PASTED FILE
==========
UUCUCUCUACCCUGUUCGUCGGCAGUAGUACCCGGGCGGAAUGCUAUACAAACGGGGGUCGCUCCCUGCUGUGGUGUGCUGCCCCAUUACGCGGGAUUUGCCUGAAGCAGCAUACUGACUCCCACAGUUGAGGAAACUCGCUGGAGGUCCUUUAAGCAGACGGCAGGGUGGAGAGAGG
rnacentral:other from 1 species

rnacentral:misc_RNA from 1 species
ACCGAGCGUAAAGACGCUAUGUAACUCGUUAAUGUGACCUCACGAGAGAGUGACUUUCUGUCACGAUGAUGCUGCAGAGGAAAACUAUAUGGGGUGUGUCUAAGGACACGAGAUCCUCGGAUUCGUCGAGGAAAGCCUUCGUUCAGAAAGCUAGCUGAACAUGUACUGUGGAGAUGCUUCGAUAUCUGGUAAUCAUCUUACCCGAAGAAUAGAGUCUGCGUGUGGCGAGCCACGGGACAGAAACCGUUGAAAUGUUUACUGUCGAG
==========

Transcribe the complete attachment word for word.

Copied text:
UUCUCUCUACCCUGUUCGUCGGCAGUAGUACCCGGGCGGAAUGCUAUACAAACGGGGGUCGCUCCCUGCUGUGGUGUGCUGCCCCAUUACGCGGGAUUUGCCUGAAGCAGCAUACUGACUCCCACAGUUGAGGAAACUCGCUGGAGGUCCUUUAAGCAGACGGCAGGGUGGAGAGAGG
rnacentral:other from 1 species

rnacentral:misc_RNA from 1 species
ACCGAGCGUAAAGACGCUAUGUAACUCGUUAAUGUGACCUCACGAGAGAGUGACUUUCUGUCACGAUGAUGCUGCAGAGGAAAACUAUAUGGGGUGUGUCUAAGGACACGAGAUCCUCGGAUUCGUCGAGGAAAGCCUUCGUUCAGAAAGCUAGCUGAACAUGUACUGUGGAGAUGCUUCGAUAUCUGGUAAUCAUCUUACCCGAAGAAUAGAGUCUGCGUGUGGCGAGCCACGGGACAGAAACCGUUGAAAUGUUUACUGUCGAG